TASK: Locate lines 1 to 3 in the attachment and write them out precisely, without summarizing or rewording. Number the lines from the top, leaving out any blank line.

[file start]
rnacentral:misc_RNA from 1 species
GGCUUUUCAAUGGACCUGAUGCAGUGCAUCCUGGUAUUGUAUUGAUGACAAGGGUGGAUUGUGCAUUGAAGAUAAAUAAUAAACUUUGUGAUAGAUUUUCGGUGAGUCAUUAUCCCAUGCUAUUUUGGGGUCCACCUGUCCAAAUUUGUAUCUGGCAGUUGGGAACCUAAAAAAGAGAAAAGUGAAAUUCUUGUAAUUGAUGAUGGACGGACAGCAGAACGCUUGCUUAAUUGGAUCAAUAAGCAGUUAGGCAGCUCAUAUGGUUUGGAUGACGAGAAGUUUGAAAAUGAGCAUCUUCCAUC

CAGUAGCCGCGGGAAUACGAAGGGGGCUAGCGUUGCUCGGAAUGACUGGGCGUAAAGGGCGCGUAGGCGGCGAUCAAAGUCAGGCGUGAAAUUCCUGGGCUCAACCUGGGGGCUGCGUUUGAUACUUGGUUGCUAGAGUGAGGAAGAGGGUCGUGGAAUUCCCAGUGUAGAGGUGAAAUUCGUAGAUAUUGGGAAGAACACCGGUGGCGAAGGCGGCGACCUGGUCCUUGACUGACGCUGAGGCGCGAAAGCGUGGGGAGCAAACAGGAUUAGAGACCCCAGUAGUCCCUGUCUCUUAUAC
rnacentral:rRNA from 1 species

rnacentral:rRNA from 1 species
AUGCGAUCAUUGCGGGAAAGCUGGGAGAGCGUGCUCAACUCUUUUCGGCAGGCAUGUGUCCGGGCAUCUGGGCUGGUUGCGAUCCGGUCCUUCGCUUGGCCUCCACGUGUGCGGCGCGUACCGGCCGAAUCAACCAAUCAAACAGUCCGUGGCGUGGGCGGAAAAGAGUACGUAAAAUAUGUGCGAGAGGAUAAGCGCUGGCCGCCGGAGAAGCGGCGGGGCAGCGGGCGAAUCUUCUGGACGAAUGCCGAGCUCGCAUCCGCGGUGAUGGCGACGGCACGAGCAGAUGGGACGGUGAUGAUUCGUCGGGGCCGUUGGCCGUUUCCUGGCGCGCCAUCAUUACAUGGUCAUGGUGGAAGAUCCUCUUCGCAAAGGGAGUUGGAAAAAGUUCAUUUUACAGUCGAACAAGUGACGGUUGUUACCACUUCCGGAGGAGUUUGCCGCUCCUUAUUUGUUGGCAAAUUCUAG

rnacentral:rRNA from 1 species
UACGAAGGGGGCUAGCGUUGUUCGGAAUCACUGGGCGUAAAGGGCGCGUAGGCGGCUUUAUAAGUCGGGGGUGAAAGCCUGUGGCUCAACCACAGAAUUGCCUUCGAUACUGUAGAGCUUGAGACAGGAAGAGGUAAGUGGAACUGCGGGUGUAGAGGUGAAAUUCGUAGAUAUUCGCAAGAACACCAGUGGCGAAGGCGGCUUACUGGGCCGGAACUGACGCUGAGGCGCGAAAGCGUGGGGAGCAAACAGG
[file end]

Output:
rnacentral:misc_RNA from 1 species
GGCUUUUCAAUGGACCUGAUGCAGUGCAUCCUGGUAUUGUAUUGAUGACAAGGGUGGAUUGUGCAUUGAAGAUAAAUAAUAAACUUUGUGAUAGAUUUUCGGUGAGUCAUUAUCCCAUGCUAUUUUGGGGUCCACCUGUCCAAAUUUGUAUCUGGCAGUUGGGAACCUAAAAAAGAGAAAAGUGAAAUUCUUGUAAUUGAUGAUGGACGGACAGCAGAACGCUUGCUUAAUUGGAUCAAUAAGCAGUUAGGCAGCUCAUAUGGUUUGGAUGACGAGAAGUUUGAAAAUGAGCAUCUUCCAUC

CAGUAGCCGCGGGAAUACGAAGGGGGCUAGCGUUGCUCGGAAUGACUGGGCGUAAAGGGCGCGUAGGCGGCGAUCAAAGUCAGGCGUGAAAUUCCUGGGCUCAACCUGGGGGCUGCGUUUGAUACUUGGUUGCUAGAGUGAGGAAGAGGGUCGUGGAAUUCCCAGUGUAGAGGUGAAAUUCGUAGAUAUUGGGAAGAACACCGGUGGCGAAGGCGGCGACCUGGUCCUUGACUGACGCUGAGGCGCGAAAGCGUGGGGAGCAAACAGGAUUAGAGACCCCAGUAGUCCCUGUCUCUUAUAC